This is a little…. gross, but definitely interesting. It’ll be cool to see where this goes…!
Last week, we exhibited The Jacquard Show, in Gallery 371. I don’t think I’ve posted a picture of the finished work from the Jacquard workshop with Louise Lemieux Bérubé, , but I do know I’ve posted about A Horse in the Living Room.
Read my classmate, Melissa Wong’s post about it on her blog.
Here’s a link to images from the show, from Mackenzie Frere.
[via ACAD Fibre Blog]
Here’s what I’m thinking for my graduation tattoo. I currently don’t have any tattoos, and was thinking that it may be a good right of passage for graduating from ACAD. There are 5 sewing pins, signifying my major of Fibre, and my five years here at ACAD. They are poking into me, as the fibre department and my time here are a important part of what makes me who I am. The colors represent my love of color, and the energy and diversity of my experience here- making some good friends, learning a lot, and having a ton of fun! It’s been an amazing five years!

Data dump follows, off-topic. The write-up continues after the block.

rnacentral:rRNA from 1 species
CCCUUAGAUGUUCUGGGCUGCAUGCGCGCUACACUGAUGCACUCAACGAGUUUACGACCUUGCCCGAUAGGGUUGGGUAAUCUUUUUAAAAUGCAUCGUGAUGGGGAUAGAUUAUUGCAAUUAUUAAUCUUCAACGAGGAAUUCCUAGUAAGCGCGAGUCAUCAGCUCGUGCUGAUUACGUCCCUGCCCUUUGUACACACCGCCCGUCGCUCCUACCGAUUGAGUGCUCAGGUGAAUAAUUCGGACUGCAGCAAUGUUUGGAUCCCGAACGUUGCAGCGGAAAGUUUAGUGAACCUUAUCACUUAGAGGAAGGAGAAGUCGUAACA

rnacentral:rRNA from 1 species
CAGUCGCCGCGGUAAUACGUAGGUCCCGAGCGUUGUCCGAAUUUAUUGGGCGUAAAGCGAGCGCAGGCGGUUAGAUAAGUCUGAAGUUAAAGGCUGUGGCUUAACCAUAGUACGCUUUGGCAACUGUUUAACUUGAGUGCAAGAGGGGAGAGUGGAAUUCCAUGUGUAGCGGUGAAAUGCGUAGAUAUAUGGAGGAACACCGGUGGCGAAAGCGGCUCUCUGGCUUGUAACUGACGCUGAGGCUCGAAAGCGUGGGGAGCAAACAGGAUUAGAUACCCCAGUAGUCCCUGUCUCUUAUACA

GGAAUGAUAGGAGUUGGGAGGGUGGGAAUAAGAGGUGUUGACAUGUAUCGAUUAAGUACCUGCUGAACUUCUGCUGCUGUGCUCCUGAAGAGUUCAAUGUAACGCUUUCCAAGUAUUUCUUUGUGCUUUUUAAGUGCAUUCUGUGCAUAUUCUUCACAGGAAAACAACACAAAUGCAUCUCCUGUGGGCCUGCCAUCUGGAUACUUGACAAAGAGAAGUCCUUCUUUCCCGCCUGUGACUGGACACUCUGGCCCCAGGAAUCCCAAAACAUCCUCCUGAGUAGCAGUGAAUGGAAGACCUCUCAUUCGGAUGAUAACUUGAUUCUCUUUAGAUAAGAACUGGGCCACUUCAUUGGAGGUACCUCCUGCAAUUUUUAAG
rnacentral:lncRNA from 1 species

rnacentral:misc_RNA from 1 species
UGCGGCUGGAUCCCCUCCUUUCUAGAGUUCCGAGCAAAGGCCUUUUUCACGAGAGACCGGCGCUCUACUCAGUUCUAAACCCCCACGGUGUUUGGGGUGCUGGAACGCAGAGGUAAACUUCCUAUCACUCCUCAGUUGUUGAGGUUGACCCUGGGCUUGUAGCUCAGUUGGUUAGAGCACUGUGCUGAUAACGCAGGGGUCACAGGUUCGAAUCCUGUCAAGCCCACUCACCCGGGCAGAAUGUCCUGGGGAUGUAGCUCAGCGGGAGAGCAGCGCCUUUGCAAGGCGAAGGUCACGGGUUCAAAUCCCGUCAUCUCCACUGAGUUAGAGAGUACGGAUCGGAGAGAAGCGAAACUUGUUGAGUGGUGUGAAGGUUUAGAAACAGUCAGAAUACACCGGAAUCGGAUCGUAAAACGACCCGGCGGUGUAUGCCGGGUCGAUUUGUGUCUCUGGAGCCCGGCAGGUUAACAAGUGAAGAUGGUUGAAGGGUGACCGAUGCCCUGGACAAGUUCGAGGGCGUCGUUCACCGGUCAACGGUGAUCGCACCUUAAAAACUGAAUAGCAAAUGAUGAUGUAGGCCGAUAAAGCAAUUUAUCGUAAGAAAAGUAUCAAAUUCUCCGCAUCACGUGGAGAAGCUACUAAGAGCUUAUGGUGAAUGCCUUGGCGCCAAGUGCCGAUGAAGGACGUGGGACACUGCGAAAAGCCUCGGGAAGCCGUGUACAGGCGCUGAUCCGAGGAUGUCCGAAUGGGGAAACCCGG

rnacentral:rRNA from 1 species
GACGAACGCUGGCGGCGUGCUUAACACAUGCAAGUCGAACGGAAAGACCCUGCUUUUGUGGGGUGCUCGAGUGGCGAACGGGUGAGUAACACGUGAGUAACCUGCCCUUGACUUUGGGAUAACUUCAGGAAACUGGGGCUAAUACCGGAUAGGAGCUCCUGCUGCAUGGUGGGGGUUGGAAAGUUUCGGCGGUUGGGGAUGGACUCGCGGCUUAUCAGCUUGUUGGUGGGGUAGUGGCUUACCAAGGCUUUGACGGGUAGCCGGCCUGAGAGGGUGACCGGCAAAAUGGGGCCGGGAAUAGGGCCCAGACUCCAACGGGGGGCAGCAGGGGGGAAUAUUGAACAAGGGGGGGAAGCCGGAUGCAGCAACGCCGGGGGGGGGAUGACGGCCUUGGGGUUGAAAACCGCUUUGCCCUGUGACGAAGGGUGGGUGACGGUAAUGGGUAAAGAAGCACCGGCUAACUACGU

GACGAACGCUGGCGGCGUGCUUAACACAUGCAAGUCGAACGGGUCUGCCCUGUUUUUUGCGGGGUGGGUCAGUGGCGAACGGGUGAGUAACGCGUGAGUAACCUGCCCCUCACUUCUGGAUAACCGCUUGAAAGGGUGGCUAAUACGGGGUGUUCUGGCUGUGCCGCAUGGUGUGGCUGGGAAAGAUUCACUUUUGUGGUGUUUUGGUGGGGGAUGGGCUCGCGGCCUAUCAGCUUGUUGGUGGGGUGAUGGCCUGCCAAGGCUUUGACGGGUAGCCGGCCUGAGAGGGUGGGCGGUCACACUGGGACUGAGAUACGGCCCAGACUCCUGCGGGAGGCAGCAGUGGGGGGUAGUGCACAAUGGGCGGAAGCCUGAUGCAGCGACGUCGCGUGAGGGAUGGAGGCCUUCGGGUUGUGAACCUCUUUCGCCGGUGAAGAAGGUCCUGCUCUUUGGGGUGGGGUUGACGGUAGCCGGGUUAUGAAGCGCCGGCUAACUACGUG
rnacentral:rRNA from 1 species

|Sepal in nature.|
Thanks for watching!!
That idea led into Foraminifera, which I was initially disappointed with. It didn’t seem to have any life or personality, although it did have lots of arms. It seemed flat, and, while colourful and an interesting shape, it seemed distinctly an object.
But then I started to spend some time with it and play with it. I discovered that, by moving the arms around and posing it, it could have a lot more animation.
I realized that presentation might very well be everything, and the animation of my objects depends very much on how they are presented. I wonder if I made the same piece, but maybe a different size and/or colour, and presented them differently, would they be recognized as the same form?
Part Four still to come.
With Pteropod, (also known as “PMS”), I think I managed to achieve what I’ve been going for in creating “life” with the Morphoids. It has two long, curling appendages, and I thought that was the key to animating them, giving them arms to move, and therefore, keeping them “animal”.
Interestingly, Pteropod seems even more animated when interacting with a human. There seems to be more of a relationship (in some cases, even a friendship) between the two participants.
Part Three: Foraminifera is next!This work seems much more versatile, and so documentation seems to be everything.